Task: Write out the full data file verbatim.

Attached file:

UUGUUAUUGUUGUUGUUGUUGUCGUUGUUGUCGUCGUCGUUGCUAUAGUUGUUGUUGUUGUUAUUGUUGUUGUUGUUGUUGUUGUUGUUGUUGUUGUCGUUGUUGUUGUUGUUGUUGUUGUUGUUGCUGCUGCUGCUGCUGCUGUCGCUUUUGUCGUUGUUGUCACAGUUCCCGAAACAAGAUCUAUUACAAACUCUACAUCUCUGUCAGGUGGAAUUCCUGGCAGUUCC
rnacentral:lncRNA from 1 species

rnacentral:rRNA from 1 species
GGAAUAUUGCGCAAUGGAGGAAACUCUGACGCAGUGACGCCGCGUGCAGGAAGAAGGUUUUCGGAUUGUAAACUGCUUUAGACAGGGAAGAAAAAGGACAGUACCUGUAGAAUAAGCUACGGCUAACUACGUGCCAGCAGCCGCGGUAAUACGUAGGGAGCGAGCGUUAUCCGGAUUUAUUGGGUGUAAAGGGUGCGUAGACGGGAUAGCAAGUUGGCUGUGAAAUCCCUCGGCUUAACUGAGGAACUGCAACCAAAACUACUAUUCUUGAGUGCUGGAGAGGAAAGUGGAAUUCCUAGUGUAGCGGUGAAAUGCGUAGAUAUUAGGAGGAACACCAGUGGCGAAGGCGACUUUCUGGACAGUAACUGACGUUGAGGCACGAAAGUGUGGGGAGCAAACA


UUGUUAUUGUUGUUGUUGUUGUCGUUGUUGUCGUCGUCGUUGCUAUAGUUGUUGUUGUUGUUAUUGUUGUUGUUGUUGUUGUUGUUGUUGUUGUUGUCGUUGUUGUUGUUGUUGUUGUUGUUGUUGCUGCUGCUGCUGCUGCUGUCGCUUUUGUCGUUGUUGUCACAGUUCCCGAAACAAGAUCUAUUACAAACUCUACAUCUCUGUCAGGUGGAAUUCCUGGCAGUUCC
rnacentral:lncRNA from 1 species

rnacentral:rRNA from 1 species
GGAAUAUUGCGCAAUGGAGGAAACUCUGACGCAGUGACGCCGCGUGCAGGAAGAAGGUUUUCGGAUUGUAAACUGCUUUAGACAGGGAAGAAAAAGGACAGUACCUGUAGAAUAAGCUACGGCUAACUACGUGCCAGCAGCCGCGGUAAUACGUAGGGAGCGAGCGUUAUCCGGAUUUAUUGGGUGUAAAGGGUGCGUAGACGGGAUAGCAAGUUGGCUGUGAAAUCCCUCGGCUUAACUGAGGAACUGCAACCAAAACUACUAUUCUUGAGUGCUGGAGAGGAAAGUGGAAUUCCUAGUGUAGCGGUGAAAUGCGUAGAUAUUAGGAGGAACACCAGUGGCGAAGGCGACUUUCUGGACAGUAACUGACGUUGAGGCACGAAAGUGUGGGGAGCAAACA